FIG. 9 illustrates an exemplary method for determining the highest-risk band in which a risk value is present. In the example shown in FIG. 8A, the second band is band bi(max) because there are no risk values in the upper region between 0.6 and 1.0. In step 905, the index is set to the highest band risk. In step 910, if the index is equal to bmin, the lowest risk band, the process ends. Otherwise, in step 915 the active scan engine 120 determines if at least one risk value has been assigned to the current band. If so, the current band index is the desired one and the process is complete. Otherwise, the current index is decremented in step 920 and the process 815 returns to step 910.
FIG. 10 illustrates an exemplary process for summing the banded vulnerability risk values as referenced in step 820. In step 1005, the calculation is initialized by setting the current band index i equal to bi(max). The preliminary security score s is set to 0.0. The value PreviousCount, which represents the number of risk values that have already been processed, is set to 0. The value StartIndex, which represents the index of the first risk value in the current band, is set to 1. In step 1010, if the current band is band bmin, the process is complete. Otherwise, control passes to step 1015, where a value n is set equal to the count of risks Ci assigned to the current band plus the value PreviousCount. The preliminary score s is incremented by (ri+ri−1)*(2n−Startndex+1−1.0)/2n. The values StarIndex and PreviousCount are then incremented by Ci. The current band index i is then decremented by 1, and the process 820 returns to step 1010.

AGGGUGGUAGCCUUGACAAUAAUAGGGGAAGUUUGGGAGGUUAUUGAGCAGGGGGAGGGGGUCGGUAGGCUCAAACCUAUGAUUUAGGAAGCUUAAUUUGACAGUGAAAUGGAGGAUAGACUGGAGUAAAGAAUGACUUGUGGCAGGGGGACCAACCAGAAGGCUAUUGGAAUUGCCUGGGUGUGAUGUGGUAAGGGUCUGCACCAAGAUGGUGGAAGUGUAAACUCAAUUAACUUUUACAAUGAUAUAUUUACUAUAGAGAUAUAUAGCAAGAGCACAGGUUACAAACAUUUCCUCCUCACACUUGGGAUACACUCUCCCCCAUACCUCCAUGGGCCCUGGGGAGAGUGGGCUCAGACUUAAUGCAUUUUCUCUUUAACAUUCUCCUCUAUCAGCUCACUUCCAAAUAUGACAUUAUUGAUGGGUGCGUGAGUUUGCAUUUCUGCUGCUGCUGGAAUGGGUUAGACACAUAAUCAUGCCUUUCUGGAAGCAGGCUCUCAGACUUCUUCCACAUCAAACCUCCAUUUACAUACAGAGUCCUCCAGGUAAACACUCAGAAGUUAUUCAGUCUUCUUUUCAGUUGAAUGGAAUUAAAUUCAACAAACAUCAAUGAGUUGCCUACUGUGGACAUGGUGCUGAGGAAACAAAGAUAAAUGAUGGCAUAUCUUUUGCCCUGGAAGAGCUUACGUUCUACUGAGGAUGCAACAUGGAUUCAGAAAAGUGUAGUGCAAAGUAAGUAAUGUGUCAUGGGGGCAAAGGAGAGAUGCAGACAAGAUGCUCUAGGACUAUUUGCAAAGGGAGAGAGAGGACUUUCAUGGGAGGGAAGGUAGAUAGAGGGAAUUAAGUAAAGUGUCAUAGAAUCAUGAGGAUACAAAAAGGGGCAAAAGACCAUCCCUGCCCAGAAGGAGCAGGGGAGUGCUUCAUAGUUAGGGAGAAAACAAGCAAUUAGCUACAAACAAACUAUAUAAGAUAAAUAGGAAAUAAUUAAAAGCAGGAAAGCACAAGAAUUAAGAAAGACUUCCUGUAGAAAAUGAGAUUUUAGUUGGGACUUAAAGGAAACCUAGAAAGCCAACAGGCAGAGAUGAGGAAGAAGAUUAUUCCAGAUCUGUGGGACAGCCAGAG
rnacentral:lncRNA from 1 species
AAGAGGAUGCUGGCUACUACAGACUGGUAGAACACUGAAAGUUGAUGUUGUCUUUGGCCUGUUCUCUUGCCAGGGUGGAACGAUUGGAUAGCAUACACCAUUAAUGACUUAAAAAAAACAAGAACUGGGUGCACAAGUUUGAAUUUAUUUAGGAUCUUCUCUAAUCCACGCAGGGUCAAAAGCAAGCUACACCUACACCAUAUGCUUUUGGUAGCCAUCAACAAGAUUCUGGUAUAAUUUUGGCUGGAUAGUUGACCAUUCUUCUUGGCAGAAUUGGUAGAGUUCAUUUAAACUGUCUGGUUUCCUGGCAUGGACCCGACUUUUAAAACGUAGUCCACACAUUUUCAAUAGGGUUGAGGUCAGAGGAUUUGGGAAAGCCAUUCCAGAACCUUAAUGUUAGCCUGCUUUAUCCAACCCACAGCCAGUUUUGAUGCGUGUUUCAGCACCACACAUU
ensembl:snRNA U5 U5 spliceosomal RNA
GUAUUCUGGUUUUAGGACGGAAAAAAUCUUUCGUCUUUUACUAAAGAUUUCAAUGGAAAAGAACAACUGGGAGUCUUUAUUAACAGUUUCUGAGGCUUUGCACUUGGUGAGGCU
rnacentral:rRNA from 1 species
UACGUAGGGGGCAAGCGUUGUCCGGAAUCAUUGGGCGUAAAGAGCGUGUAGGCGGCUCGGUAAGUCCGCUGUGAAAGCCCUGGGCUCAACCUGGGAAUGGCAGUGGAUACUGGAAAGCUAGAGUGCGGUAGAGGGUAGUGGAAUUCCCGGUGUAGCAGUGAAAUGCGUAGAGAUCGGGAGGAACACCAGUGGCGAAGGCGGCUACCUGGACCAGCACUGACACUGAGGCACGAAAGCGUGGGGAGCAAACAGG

In conclusion, the present invention enables and supports security auditing of a distributed computing network by providing a useful numerical value of the risk associated with a vulnerability or group of vulnerabilities. The security audit system can collect information about the elements of a network and compute a risk value for vulnerabilities detected therein. The risk value can be based on the importance of the network element, the likelihood of exploit, and the potential for damage to the network in the event the vulnerability is exploited. The risk value can also be adjusted to reflect the difficulty of remedying the vulnerability. The security audit system can also collect risk values for a particular element and compute a total security score for the element. The security audit system uses a banded calculation method to ensure that a host with several low risk values does not have a higher security score than a host with a few high risk values. Security scores are useful for comparing individual elements or groups of elements on the network.
 It will be appreciated that the present invention fulfills the needs of the prior art described herein and meets the above-stated objects. While there has been shown and described the preferred embodiment of the invention, it will be evident to those skilled in the art that various modifications and changes may be made thereto without departing from the spirit and the scope of the invention as set forth in the appended claims and equivalence thereof. Although the present invention has been described as operating on a local area network, it should be understood that the invention can be applied to other types of distributed computing environments. Furthermore, it should be readily apparent that portions of the calculation can be varied in order modify the results without departing from the scope of the invention.
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|U.S. Classification||709/223, 726/25|
|International Classification||G06F21/00, H04L29/06|
|Cooperative Classification||H04L63/1433, H04L63/1425, G06F2221/2101, G06F21/577|
|European Classification||G06F21/57C, H04L63/14A2, H04L63/14C|
|Apr 5, 2002||AS||Assignment|
Owner name: INTERNET SECURITY SYSTEMS, INC., GEORGIA
Free format text: ASSIGNMENT OF ASSIGNORS INTEREST;ASSIGNOR:DODD, TIMOTHY DAVID;REEL/FRAME:012763/0957
Effective date: 20020322
|Jun 30, 2006||AS||Assignment|
Owner name: ACCENTURE SAS, FRANCE
Free format text: ASSIGNMENT OF ASSIGNORS INTEREST;ASSIGNOR:HEINRICH, NICOLAS;REEL/FRAME:017880/0993
Effective date: 20050204
|Oct 4, 2007||AS||Assignment|
Owner name: INTERNATIONAL BUSINESS MACHINES CORPORATION,NEW YO
Free format text: ASSIGNMENT OF ASSIGNORS INTEREST;ASSIGNOR:INTERNET SECURITY SYSTEMS, INC.;REEL/FRAME:019920/0128
Effective date: 20070928